Preliminary treatment included continuation of the periodontal therapy initiated previously, as well as treatment for the caries on teeth #4 and 5. Probing depths were now noted to be 5 to 8 mm between teeth H and #12, and 4 to 5 mm around #5 and C. Scaling and root planing was completed where indicated, and a final restorative treatment plan was developed.
In this case report, a two-unit cantilever fixed partial denture utilizing the maxillary first premolars as abutments with cantilever pontics was chosen to replace the missing canines. The option of using the second premolar as a double abutment was also considered, as it would add to the support, resistance, and retention of the fixed partial denture. However, it comes at additional cost to the patient, as well as an increased challenge to maintain oral hygiene around the splinted abutments. It was felt that the plan to carefully manage the occlusal scheme would allow the use of the single abutment.
Full veneer retainers would be fabricated on the first premolars. Both teeth #5 and 12 exhibited desirable characteristics for an abutment, including adequate root length, favorable crown-to-root ratios (between 1:1 to 2:3), and a healthy periodontium. The occlusal scheme would be designed to maximize the maximum intercuspation contact on the abutments, with light contact on the pontic. The plan called for maintaining excursive contacts only on the abutments, with no contact planned for the pontics.
The pontics would be designed as a modified ridge lap, with maximum occlusogingival height to ensure a rigid prosthesis. Essentially, the plan was to slightly modify the patient’s existing occlusion to group function bilaterally, minimizing stress on the pontics and, consequently, on the abutments.
SEQUENCE OF TREATMENT
The primary canines were extracted in September 2019, but immediate provisionals were not utilized. Healing proceeded as expected, with no complications. The soft tissue exhibited normal tissue contours at a two-week follow-up. The patient’s periodontal status had improved considerably, with most posterior probing depths measuring 2 to 3 mm, with only a few measuring 4 mm. Probing depths on both premolar abutment teeth also improved, with no depths greater than 3 mm recorded. Tooth #12 was prepared to serve as a porcelain-fused-to-metal (PFM) abutment six weeks from the extraction date, utilizing a standard PFM preparation of at least 1.5 mm occlusal reduction, 1 mm axial reduction, and a 0.5 mm chamfer, except for the facial margin, which was prepared as a rounded shoulder approaching 1 mm.1 Margins were to be at, or slightly below, the free gingival margin. The facial margins were designed for maximum esthetics using a porcelain shoulder.
A provisional fixed partial denture was fabricated using bisacryl from the diagnostic waxing made earlier. The patient returned five days later to have the margins refined and make the final impression using conventional vinyl polysiloxane using a two-cord technique for margin isolation. The working cast was cross-mounted to an opposing cast that had been previously mounted using a facebow for final fabrication on an articulator. Tooth #5 was prepared three days later to serve as a PFM cantilever abutment as well. A provisional fixed partial denture was again fabricated using bisacryl from a diagnostic waxing made earlier. The preparation on tooth #5 was completed in November 2019.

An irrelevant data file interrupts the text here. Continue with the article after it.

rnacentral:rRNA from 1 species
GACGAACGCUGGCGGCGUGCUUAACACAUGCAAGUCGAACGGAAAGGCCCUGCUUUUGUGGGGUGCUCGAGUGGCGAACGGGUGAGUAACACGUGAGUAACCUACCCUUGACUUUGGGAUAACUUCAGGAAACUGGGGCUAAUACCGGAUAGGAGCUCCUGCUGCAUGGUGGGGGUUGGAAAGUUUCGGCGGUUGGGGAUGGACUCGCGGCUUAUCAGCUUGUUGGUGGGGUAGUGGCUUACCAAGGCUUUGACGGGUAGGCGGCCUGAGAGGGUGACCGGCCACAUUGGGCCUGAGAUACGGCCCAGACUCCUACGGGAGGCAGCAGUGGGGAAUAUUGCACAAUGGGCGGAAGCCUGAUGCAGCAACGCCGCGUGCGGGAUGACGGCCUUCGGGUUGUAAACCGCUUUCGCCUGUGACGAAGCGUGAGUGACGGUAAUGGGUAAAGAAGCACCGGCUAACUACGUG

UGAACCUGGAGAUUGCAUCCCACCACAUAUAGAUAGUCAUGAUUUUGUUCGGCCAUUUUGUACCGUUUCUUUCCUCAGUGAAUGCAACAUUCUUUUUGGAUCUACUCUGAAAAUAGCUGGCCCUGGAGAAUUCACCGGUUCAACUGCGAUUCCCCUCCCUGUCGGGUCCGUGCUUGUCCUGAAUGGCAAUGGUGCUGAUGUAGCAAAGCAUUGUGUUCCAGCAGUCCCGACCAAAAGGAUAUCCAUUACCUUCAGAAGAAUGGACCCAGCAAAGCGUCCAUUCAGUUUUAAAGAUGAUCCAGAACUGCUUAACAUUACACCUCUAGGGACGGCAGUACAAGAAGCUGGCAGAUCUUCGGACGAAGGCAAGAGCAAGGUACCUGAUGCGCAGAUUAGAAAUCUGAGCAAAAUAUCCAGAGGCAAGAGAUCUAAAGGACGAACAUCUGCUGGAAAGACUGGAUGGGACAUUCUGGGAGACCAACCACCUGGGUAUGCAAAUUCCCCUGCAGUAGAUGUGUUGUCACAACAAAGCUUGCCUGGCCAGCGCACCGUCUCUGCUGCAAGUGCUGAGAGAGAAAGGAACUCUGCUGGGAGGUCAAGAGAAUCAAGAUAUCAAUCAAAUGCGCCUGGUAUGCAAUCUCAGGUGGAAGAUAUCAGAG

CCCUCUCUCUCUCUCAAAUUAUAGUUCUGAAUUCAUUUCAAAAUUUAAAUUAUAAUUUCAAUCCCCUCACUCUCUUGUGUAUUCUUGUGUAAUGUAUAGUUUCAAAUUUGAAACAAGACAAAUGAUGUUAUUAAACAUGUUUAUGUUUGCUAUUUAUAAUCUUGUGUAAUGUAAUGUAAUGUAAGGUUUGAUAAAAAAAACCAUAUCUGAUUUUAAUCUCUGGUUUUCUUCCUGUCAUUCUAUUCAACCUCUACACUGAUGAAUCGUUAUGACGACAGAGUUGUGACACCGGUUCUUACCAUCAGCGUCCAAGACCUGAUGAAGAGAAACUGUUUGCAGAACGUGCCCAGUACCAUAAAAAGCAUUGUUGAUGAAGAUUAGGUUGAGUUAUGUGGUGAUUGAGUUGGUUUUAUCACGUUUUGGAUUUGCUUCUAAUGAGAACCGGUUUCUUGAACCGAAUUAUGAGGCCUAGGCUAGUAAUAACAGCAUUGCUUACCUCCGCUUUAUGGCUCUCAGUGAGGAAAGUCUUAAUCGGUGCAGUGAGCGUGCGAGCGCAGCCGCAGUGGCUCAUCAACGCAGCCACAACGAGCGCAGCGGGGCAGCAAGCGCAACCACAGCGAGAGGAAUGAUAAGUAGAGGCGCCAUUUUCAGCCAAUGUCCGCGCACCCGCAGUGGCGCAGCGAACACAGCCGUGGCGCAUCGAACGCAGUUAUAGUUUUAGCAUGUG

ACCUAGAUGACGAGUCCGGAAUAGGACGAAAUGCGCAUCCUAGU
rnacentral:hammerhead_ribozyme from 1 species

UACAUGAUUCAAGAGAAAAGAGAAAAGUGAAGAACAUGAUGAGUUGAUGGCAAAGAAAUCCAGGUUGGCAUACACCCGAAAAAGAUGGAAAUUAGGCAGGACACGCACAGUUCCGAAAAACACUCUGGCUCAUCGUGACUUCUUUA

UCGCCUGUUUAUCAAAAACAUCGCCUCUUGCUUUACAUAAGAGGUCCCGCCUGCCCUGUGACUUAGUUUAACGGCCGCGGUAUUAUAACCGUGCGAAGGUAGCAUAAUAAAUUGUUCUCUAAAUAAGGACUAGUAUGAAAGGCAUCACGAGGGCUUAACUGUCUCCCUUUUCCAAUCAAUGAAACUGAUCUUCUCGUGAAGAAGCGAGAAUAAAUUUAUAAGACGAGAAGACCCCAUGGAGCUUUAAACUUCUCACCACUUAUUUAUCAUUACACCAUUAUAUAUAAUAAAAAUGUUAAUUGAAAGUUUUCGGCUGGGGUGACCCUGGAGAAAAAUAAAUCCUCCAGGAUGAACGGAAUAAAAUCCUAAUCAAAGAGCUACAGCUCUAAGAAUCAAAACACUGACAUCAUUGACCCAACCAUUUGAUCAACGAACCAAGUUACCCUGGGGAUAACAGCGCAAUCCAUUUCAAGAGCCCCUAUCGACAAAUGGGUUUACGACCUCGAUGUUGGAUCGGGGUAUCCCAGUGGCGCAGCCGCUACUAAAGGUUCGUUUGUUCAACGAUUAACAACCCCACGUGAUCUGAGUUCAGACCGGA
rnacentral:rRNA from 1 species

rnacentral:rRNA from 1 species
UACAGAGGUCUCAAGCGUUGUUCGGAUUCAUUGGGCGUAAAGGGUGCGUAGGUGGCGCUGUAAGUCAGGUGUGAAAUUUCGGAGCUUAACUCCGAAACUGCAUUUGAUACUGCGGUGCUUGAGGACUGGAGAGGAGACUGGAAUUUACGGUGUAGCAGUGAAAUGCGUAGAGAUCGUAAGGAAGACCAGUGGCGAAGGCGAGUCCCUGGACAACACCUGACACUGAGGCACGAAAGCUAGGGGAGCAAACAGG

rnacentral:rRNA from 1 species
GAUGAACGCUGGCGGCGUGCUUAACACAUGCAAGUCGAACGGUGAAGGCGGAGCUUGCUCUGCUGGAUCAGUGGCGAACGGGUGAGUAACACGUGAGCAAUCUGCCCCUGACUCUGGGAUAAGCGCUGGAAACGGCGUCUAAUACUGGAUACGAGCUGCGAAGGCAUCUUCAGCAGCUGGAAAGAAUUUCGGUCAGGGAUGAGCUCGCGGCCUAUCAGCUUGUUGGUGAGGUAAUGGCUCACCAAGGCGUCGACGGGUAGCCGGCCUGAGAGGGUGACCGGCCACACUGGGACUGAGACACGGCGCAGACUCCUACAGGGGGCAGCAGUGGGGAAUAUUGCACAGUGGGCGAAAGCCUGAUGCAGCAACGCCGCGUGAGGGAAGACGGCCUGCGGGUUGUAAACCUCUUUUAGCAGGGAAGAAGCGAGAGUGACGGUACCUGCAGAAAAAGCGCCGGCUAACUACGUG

The fixed partial denture replacing tooth #11 was cemented two months later in January 2020 using a resin-modified glass ionomer luting cement. The preparation on tooth #5 was refined seven days after that, after which a final impression was made, and casts were again hand articulated and cross-mounted on an articulator for fabrication. The fixed partial denture replacing tooth #6 was cemented with a resin-modified glass ionomer luting cement in March 2020 (Figure 7 through Figure 9).
Cementation of the last fixed partial denture occurred on the day before the clinic closed due to the COVID-19 pandemic. The patient returned six months later in September 2020 to continue periodontal treatment. She then returned in December 2020 for periodontal maintenance and to reevaluate hygiene, occlusion, and overall health of the fixed partial denture.
Treatment time from extractions to cementation was six months total. A final follow-up was completed in February 2021. This allowed a 13-month follow-up on the fixed partial denture replacing tooth #11, and 11 months for the fixed partial denture replacing #6 (Figure 10 through Figure 13). Figure 10 and Figure 11 both show early lateral excursive movements. Figures 14A and 14B and Figures 15A and 15B are post-cementation radiographs.
APPROACH TO TREATMENT
Managing the patient’s occlusion was paramount to a successful outcome in this case. The patient was missing both maxillary canines, teeth that are generally key components when developing an occlusal scheme — especially one involving anterior guidance. The plan to replace these key components with cantilever restorations required careful attention to the occlusal scheme to ensure a successful outcome for the single cantilevered abutments. The patient presented with group function on the right side, with heavy contact on the lateral incisors and light contact on the premolar. She also presented with group function on the left side. A limited occlusal adjustment was performed at the time of tooth preparation to lighten any excessively heavy excursive contacts, provide even contacts in maximum intercuspation, and minimize the impact of the crossbite on the right side by recontouring tooth #28. The planned occlusal scheme would place maximum intercuspation contacts on the abutments, with lateral excursions guided by either the abutments, lateral incisors, or both — essentially duplicating the patient’s existing occlusion. ‘